After a personal and professional odyssey that took him from New York City to Florida to Chattanooga, Chris Hampton found his “better mousetrap” in a trailer home.
A native of Carrollton, Georgia, he started Rolling Video Games in 2009. At his Hixson facility, his employees turn 32-foot trailers into custom video arcades, each capable of housing at least six widescreen TVs on one wall. On the opposite wall are seating areas with speakers and motors that vibrate to match the gameplay.
Hampton said its trailers sell for $50,000 apiece and that there are more than 200 in service nationwide.
“It took me a year to sell my first one,” he said during an interview at his Hixson Pike manufacturing facility. “We can do three to five a month now, but I’d like to bring that to ten if I can.”
After growing up in Carrollton, Hampton said he went to New York City to study theater. He said he got into photography on the side, and when he moved to Chattanooga in 1990 to be closer to his family, he started a photography business.
“Photos of babies at home were very popular in New York at the time,” he recalls. “Then I realized that nobody really does that here – babies at home, portraits to play with. We ran this business for about 10 years.”
Hampton said he moved to Florida around the same time the internet was gaining momentum. He said he started a website building business and met his future wife Jen. He said when they returned to Chattanooga in 2000, they built their “pride and joy.”
He called his restaurant on Market Street “Vaudeville Cafe”. “Family oriented improvisational comedy, good Italian food. A lot of good people came through. It was a lot of fun and I really miss it.”
Hampton said the Vaudeville Cafe closed in 2015, but he’s long since opened Rolling Video Games. He said his concept was a mashup of two others.
“I had heard on NPR about a guy in California who was throwing parties in an old trailer that he had decked out with (video game) consoles,” he said. “Then I heard about a guy in Arizona who had capitalized on that idea and was selling franchises.
“So between those two discoveries,” he said, “I decided I would try to build a better mousetrap.”
Hampton’s idea was to build and sell video game trailers and nurture relationships with his customers — but not what he calls the typical relationship between a franchisor and a franchisee.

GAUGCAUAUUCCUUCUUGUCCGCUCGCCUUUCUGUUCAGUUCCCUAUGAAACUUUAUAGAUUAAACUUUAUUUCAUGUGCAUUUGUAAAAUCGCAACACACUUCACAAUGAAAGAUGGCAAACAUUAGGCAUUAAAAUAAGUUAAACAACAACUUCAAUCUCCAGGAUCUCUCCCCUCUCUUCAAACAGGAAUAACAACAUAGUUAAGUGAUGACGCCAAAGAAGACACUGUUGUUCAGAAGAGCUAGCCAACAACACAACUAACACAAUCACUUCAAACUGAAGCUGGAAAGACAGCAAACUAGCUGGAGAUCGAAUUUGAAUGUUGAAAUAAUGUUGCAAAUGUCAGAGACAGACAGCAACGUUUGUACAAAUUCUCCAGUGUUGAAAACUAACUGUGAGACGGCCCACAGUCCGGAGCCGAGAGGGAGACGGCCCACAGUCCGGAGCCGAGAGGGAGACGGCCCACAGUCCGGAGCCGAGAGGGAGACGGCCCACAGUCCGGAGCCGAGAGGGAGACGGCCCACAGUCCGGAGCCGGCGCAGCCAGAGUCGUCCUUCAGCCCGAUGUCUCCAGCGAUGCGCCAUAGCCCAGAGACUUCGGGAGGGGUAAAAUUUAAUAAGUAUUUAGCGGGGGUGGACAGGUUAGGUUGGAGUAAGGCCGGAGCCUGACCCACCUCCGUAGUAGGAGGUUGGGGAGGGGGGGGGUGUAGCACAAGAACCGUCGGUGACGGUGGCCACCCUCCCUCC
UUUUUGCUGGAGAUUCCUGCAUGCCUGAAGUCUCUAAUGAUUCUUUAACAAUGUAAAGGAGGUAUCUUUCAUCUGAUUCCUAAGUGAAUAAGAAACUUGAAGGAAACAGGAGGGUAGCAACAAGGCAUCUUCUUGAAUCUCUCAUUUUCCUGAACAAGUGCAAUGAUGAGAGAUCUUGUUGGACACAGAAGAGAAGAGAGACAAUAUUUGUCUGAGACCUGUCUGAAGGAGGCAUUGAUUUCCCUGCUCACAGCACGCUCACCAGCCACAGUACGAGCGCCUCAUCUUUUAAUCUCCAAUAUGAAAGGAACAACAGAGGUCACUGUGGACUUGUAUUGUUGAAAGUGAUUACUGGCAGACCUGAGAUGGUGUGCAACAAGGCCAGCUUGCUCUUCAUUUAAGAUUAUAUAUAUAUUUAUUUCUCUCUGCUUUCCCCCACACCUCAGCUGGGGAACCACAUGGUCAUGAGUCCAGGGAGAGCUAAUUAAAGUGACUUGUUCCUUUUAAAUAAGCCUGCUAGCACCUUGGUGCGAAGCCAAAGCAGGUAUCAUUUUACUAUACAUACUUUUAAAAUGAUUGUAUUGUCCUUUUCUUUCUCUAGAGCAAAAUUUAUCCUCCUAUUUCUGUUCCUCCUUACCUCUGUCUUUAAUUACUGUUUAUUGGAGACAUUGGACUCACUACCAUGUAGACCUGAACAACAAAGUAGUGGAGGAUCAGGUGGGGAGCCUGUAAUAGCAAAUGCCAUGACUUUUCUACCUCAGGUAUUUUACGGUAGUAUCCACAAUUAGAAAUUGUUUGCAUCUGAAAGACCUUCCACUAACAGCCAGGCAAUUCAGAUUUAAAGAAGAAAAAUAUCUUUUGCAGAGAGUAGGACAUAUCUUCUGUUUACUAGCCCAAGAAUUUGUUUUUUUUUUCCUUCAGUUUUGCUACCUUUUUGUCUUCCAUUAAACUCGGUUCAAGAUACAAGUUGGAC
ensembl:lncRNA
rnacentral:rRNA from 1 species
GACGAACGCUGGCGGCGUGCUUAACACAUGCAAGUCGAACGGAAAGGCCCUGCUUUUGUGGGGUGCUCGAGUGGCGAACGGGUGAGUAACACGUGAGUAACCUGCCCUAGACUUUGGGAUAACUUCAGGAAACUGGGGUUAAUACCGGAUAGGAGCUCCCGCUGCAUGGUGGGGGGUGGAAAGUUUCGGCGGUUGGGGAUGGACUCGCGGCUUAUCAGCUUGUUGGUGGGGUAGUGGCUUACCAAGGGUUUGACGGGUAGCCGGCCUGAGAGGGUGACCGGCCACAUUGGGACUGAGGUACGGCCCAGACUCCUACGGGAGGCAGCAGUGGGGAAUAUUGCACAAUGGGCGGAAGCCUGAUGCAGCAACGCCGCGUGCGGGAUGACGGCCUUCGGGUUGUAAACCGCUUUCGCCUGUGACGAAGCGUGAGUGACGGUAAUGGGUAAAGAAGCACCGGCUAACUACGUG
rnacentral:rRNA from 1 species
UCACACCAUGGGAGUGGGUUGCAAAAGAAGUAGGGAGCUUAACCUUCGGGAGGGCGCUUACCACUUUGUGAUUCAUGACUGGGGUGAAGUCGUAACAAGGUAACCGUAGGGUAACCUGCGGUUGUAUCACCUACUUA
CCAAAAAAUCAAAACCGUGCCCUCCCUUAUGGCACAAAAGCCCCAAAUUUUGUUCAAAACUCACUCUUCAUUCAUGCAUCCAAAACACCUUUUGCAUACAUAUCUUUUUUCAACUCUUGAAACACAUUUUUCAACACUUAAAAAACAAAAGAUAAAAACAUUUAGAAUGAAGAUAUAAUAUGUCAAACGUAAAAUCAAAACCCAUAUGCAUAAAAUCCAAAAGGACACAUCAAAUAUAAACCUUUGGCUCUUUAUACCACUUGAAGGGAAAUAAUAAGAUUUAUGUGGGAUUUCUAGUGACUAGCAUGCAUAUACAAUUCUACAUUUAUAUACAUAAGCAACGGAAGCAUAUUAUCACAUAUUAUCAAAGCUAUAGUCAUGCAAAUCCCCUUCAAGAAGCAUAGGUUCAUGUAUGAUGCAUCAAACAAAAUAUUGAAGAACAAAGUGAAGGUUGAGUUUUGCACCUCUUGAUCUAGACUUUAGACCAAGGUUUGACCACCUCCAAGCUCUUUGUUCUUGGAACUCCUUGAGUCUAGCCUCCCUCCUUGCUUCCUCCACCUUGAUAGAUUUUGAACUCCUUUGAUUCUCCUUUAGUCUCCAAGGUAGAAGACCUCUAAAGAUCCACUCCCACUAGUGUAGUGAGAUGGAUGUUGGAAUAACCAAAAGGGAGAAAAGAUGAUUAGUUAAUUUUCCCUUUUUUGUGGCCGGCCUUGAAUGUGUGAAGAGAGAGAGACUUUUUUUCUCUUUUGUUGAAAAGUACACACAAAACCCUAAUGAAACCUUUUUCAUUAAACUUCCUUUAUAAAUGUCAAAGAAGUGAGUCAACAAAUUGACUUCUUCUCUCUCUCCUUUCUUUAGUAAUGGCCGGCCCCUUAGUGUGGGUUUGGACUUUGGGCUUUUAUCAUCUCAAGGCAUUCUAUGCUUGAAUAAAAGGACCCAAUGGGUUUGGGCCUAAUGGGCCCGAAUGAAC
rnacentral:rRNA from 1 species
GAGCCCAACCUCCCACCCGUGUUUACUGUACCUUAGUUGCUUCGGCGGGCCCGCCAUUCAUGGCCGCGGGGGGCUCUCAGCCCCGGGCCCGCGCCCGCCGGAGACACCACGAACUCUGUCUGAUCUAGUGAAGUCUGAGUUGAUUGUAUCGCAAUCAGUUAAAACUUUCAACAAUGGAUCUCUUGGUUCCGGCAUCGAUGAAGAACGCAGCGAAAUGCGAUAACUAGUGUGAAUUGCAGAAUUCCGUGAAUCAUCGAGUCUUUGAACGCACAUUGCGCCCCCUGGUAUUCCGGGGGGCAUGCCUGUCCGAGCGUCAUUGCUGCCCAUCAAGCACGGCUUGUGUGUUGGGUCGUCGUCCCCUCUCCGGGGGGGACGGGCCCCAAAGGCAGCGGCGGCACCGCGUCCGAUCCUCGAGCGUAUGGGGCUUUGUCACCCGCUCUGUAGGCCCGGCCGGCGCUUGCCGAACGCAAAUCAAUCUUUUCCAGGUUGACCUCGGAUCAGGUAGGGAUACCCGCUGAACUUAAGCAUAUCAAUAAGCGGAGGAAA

“I didn’t like the idea of franchising,” he said. “You have to jump through a lot of hoops – have to buy their product, do things their way. It’s pretty restrictive.
“People would much rather be independent,” he said, adding that customers can also use centralized online booking at www.rollingvideogames.com.
Hampton said he has a guide template that his customers can use, but very few have to.
“One is that you use our logo,” he said, “although you can append your name to it – ‘Chris’ Rolling Video Games’. And don’t embarrass the brand – be on time or early (to a party), keep the trailer clean, and be professional.
“It’s pretty hard to screw up,” he said. “You own the trailer, so you can book as many or as few parties as you want. You don’t have to be a video game or business expert. Just follow these few rules and you should be fine.”
Chattanoogan Montrell Besley said he has owned an RVG trailer for almost two years. In his first month, he said, he earned enough to cover what he paid for his trailer.
“Those first 12 months have been amazing,” said Besley. “The need for services (in Chattanooga) was incredibly insane. I had to get another phone because my personal line (with bookings) blew up. During the week I quit my job, took off and did an event – birthday parties, family reunions, church events.
“It’s the easiest business to get into,” adds Besley.
Hampton said that while he’s still trying to figure out virtual reality, he’s making “gradual” changes — like speeding up production by making a smaller, lighter party trailer that’s easier to move around the neighborhood.
He said he also offers financing, allowing customers to deposit 25 percent and pay off the balance in three to five years, but acknowledges he can “only fund so many.”
“There’s a long list of people who want that,” he said. “Our pockets aren’t that deep – we rely on customers who get their own financing and we offer them a discount.
“You can’t start a $50,000 business,” Hampton said. “People are just crazy about video games and America is a big place. You can never go wrong with video games and events.”
Contact Bob Gary at [email protected].